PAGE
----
CHARLES MIZRAHI: CUNY, a city university. City University was considered back in the forties and fifties as the poor man’s Harvard. There were, I think, eight or ten Nobel Prize winners from there.
WILL BUNCH: Yeah. One thing I mentioned in my book is you go back to the 1950s and you look at you look at Central Berkeley and you look at just the names of the famous people who went to four or five high schools that are all adjacent of each other in James Madison and Midwood and all these high schools, Tom Woody Allen and Barbra Streisand, Carole King, Chuck Schumer, Bernie Sanders, none of them. You know, like you said, many, many Nobel Prize winners, you know, scientists, they came from the public schools in Brooklyn. And many of them went to City Years in New York or other schools, either for free or, you know, tuition was maybe $300 a semester. And so cost isn’t the only factor, obviously. But we need to multitask. We need to look at exclusivity because, you know, I think if you deal with the cost factor or the admissions office making people feel that colleges aren’t for them, you’ll get a more diverse student body, which if you have a more diverse student body.
CHARLES MIZRAHI: We’re reaching. You’re telling me the problem? The problem here is diversity, that there’s not enough which group is not diversified enough in the college.
WILL BUNCH: About all diversity. So, you know, I’m talking about kids. I’m talking about my own kids. But I’m also talking about kids in Montana. Okay.
CHARLES MIZRAHI: So well, let me ask your question. Let me ask you a question in conservative Brooklyn. Where most of the Jewish people who go to CUNY colleges in the five boroughs are in a situation here where they’re more conservative than let’s say woke. Let’s just say that. I don’t know. Why are they being shouted down? Why when conservative speakers come to colleges, they need police escorts? Why when Ben Shapiro goes to a college and just wants to speak it’s not free speech for them. Why is it overly liberal leftist doctrines that are preached where at the same time, with this cry of free speech, at the same time, conservative values are not shunned upon, but treated aggressively. Why is that?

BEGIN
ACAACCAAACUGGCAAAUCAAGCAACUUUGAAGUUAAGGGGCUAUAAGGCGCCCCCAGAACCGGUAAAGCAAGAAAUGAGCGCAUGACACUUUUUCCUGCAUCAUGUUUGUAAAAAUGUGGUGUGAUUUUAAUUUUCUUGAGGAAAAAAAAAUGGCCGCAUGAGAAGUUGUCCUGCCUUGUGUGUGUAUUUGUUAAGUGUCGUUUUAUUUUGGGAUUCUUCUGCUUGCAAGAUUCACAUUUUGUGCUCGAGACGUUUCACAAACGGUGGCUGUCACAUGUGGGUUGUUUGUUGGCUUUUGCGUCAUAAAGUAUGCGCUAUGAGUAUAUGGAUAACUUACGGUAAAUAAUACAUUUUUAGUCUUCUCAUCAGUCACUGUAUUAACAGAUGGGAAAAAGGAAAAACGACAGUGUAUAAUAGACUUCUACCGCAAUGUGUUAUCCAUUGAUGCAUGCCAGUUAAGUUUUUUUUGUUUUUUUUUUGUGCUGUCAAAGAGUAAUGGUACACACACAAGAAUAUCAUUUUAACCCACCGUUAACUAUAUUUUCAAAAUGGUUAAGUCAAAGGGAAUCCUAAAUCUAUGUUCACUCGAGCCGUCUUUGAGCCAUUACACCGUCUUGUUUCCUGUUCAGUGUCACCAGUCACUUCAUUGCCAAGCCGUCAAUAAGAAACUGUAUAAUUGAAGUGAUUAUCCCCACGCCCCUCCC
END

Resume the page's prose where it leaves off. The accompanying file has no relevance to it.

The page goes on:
WILL BUNCH: I mean, there’s no doubt our colleges have become a battleground. And I think we don’t dig deep enough to see, you know, the roots of how college stopped being the American dream for all people. Cause I think is at the roots of a lot of our political bitterness and resentment. So. So I think it’s wrong when a conservative speaker is shouted down and not allowed to speak. I’ve written about that at Berkeley. I’ve written about the protests at the University of Missouri. And we had this horrible scene where a journalism professor, her name is Clay, I just don’t remember. Professor Clay told other journalists that the protest was a safe space that they couldn’t cover. I want to be a big believer in the First Amendment, which is freedom of the press, but it’s also free speech. I’m very concerned. And I’m sure I’m sure to the extent you’ve followed this, I’m sure you’re concerned, too, about the other side of the coin, which is these governments in some of these red states like Florida, have kind of gone back to king of the McCarthy style restrictions on what people can say on campus.
CHARLES MIZRAHI: But you think you think that’s the main problem at this point is in states like Florida and not for the past 20 to 30 years, the leftist doctrine that’s being preached and the anything of family values, conservative values, certain minorities that, you know, genders, that’s not the issue?